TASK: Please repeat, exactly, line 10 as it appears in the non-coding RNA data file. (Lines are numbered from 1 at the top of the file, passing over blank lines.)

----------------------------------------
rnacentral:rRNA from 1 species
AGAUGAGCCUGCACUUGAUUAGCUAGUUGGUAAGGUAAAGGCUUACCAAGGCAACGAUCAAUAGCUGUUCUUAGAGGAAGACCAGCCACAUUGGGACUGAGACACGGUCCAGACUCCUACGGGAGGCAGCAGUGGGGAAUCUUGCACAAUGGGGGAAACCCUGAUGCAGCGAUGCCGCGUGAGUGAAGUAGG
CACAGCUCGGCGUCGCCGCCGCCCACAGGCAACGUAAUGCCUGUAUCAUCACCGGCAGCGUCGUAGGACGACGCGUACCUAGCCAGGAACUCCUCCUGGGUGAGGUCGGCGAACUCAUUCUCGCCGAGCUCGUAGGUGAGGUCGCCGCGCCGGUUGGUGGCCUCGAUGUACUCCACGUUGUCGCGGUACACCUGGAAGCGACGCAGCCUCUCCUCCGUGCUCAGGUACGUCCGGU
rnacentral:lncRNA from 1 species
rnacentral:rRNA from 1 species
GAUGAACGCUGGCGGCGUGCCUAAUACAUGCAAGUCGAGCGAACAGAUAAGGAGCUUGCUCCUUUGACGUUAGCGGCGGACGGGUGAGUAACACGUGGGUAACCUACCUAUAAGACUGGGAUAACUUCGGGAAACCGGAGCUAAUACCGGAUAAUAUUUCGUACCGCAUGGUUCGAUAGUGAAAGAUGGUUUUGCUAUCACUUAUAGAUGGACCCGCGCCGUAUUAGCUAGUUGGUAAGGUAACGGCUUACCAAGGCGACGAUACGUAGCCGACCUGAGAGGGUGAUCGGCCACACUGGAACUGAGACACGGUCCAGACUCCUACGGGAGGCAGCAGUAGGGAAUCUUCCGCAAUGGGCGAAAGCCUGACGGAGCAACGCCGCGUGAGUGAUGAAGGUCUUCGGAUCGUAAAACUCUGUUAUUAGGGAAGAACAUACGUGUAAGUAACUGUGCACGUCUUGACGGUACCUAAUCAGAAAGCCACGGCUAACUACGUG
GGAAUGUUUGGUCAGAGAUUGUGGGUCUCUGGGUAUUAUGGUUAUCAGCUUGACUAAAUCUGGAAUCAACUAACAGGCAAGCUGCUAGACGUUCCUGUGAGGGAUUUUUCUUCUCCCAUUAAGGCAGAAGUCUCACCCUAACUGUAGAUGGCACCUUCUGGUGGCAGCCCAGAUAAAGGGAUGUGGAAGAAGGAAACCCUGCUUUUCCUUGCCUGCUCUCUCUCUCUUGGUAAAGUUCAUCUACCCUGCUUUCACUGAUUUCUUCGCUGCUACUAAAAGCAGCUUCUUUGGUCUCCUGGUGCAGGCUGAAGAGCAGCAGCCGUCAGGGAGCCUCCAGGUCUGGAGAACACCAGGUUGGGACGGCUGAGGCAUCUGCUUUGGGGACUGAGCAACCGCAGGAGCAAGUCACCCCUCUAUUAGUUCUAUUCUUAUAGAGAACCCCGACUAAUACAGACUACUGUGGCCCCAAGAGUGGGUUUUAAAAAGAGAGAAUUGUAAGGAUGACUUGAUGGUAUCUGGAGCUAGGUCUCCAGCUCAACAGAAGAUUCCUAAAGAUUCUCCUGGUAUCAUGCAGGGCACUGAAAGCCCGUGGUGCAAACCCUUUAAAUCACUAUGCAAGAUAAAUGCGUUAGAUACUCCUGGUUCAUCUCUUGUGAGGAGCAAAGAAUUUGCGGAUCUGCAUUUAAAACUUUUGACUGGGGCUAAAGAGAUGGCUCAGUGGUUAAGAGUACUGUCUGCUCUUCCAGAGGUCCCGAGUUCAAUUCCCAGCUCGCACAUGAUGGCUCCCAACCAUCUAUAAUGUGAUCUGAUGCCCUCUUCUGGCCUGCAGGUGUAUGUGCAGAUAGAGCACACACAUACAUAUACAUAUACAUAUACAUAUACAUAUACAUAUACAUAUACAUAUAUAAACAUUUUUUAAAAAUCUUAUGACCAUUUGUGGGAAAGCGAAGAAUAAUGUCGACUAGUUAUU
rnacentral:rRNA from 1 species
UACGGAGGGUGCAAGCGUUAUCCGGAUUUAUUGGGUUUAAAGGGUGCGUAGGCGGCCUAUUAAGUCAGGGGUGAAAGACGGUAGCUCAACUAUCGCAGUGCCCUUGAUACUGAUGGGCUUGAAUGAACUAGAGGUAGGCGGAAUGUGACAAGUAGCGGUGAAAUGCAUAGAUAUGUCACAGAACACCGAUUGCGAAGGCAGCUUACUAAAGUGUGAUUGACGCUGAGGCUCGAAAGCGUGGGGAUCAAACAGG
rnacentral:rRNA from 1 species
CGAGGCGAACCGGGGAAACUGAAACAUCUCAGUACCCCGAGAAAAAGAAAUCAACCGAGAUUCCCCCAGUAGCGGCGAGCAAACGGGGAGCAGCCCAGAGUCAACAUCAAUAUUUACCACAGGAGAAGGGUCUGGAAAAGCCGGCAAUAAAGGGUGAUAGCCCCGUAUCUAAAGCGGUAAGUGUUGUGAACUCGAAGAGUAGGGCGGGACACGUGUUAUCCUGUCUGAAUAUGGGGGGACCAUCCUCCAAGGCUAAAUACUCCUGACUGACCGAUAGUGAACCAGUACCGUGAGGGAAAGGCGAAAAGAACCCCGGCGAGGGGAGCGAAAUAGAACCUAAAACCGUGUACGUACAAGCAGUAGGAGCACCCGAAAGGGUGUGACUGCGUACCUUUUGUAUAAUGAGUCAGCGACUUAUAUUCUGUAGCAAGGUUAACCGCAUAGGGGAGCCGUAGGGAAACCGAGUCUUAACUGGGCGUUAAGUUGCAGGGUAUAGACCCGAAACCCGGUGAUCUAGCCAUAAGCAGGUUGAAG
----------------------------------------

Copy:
rnacentral:rRNA from 1 species